Since 2020, Hannah is guest professor of the Spiel&&Objekt Master's program at the University of Performing Arts Ernst Busch in Berlin

    From 2013-2015 Mika was a guest professor at the eLab at Kunsthochschule Berlin-Weissensee

    From July - December 2013 Hannah was a researcher at the UdK's Design Research Lab

    From 2010-2012 Mika was a guest researcher in the Smart Textiles Design Lab at The Swedish School of Textiles

    From 2009 - 2011 Hannah was a graduate student in the MIT Media Lab's High-Low Tech research group led by Leah Buechley

    In 2009 Hannah and Mika were both research fellows at the Distance Lab

    Between 2003 - 2009 Hannah and Mika were both students at Interface Cultures
    We support the Open Source Hardware movement. All our own designs published on this website are released under the Free Cultural Works definition
    Example Projects


    The following sockpuppets are made as examples for the Soft Sensors for Soft Bodies workshop at the 2015 NODE Festival in Frankfurt, Germany. The plan is to hook up the sensors on these sockpuppets to the VVVV software via an Arduino running Firmata. Then we can map the sensor data to puppeteer virtual puppets or make silly noises.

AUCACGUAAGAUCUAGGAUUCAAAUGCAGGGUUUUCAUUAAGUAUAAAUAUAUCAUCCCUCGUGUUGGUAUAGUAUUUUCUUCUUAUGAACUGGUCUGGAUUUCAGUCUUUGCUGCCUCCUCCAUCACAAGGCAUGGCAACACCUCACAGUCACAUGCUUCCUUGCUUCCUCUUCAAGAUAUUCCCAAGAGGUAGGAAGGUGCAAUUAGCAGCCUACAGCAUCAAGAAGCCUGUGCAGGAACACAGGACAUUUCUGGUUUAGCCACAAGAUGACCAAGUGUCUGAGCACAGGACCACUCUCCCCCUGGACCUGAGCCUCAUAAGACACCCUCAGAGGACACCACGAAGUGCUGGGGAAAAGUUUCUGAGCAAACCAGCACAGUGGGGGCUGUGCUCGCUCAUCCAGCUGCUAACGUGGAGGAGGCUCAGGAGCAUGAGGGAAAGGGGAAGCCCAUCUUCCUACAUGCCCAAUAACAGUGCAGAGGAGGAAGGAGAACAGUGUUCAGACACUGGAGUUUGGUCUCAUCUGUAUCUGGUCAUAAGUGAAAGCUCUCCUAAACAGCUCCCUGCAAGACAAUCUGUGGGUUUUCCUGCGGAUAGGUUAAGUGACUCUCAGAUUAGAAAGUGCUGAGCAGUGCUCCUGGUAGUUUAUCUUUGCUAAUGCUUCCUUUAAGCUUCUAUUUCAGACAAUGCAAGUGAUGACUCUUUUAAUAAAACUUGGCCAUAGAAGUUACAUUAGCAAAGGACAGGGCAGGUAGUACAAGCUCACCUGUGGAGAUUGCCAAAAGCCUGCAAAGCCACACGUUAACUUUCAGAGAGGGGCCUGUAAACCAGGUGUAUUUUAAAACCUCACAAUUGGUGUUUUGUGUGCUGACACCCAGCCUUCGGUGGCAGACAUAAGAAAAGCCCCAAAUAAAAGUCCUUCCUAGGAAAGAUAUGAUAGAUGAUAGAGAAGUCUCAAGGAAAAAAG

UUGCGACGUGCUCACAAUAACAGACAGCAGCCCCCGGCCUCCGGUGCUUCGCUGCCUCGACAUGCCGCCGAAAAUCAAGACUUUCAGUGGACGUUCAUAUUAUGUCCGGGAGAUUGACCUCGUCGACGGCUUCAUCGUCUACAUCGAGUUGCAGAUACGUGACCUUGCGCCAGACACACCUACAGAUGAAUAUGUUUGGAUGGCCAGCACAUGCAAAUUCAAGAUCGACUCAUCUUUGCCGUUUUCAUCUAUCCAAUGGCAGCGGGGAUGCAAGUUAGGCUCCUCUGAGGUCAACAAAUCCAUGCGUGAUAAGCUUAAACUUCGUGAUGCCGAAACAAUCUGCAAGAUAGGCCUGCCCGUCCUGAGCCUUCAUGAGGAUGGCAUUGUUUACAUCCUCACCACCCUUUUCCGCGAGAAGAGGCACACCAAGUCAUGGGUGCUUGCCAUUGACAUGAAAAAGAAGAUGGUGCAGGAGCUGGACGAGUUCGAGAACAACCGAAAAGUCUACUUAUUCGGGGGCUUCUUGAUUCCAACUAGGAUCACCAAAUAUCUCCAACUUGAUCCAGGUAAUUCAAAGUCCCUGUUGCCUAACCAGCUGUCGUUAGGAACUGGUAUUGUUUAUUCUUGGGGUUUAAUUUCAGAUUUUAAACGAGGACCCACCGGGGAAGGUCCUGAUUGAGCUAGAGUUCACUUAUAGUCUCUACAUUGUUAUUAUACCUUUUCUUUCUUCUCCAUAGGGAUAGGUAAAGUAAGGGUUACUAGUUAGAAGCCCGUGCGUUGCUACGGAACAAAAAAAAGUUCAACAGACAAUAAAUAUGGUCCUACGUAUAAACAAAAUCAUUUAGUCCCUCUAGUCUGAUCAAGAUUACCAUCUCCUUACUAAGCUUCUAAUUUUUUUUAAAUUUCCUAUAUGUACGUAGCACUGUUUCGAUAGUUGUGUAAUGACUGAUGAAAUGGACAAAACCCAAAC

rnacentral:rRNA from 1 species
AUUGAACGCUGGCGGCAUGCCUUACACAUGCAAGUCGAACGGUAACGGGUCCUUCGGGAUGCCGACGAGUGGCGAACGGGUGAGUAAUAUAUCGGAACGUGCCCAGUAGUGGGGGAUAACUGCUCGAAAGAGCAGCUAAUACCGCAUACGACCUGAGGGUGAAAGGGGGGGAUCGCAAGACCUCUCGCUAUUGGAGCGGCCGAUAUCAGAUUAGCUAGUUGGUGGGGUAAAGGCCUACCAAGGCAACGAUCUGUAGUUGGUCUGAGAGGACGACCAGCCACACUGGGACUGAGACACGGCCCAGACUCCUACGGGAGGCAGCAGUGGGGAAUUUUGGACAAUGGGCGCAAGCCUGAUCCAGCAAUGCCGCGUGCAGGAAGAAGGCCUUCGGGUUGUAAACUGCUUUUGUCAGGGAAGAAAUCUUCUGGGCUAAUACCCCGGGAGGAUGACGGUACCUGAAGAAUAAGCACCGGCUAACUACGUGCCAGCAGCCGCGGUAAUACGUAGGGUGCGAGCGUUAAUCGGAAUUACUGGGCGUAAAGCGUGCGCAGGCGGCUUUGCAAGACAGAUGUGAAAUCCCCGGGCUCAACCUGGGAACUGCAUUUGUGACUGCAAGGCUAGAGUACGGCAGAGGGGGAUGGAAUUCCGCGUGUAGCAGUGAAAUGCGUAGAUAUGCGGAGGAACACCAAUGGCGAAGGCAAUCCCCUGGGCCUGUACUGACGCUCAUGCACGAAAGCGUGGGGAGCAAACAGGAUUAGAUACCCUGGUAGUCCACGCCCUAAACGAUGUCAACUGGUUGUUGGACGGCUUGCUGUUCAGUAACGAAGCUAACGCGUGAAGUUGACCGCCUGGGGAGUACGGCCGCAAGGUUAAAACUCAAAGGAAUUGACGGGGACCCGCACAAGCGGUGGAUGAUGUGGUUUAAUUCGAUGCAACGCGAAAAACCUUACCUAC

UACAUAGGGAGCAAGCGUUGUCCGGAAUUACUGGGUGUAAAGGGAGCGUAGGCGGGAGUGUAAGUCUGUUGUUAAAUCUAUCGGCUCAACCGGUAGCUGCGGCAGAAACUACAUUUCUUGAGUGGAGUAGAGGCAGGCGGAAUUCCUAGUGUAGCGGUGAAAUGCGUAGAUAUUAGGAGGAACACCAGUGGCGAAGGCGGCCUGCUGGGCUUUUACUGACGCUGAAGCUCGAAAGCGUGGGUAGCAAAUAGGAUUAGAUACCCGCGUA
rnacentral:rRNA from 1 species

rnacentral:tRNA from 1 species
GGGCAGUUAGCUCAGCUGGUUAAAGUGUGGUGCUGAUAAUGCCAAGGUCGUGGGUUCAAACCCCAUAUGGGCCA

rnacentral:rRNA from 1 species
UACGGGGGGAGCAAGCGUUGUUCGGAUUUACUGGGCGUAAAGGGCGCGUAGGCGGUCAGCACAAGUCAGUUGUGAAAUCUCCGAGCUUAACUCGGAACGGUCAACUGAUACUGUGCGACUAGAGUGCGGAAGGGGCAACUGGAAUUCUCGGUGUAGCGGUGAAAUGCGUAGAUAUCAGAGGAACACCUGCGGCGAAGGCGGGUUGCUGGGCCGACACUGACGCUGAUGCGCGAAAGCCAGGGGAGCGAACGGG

Meet Armin, Benny, Samantha and Wendy:

    The following step-by-step instructions explain how each of these four sock puppets were made.

    Armin the Anxious Animal

    Armin is a augmented sockpuppet with textile sensors integrated in his mouth. A three-way contact switch can tell what facial expression Armin is making, and an analog pressure sensor can tell how hard he is squeezing his nose when his mouth is clenched tight.


    Armin’s Expressions:

    Armin the anxious sockpuppet
    Anxious, talkative and happy:
    Armin the anxious sockpuppet
    Armin the anxious sockpuppet
    Armin the anxious sockpuppet

    Inside Armin’s Mouth:

    Armin the anxious sockpuppet
    Armin the anxious sockpuppet

    Armin’s Circuit:

    Armin the anxious sockpuppet
    Armin the anxious sockpuppet

    Benny the Baboon

    Benny is equipped with 2 kinds of sensors. Bend sensor inside the mouth to detect the talking/mouth movement and stretch sensor on the neck to get the head banging movement.

    Step by Step Making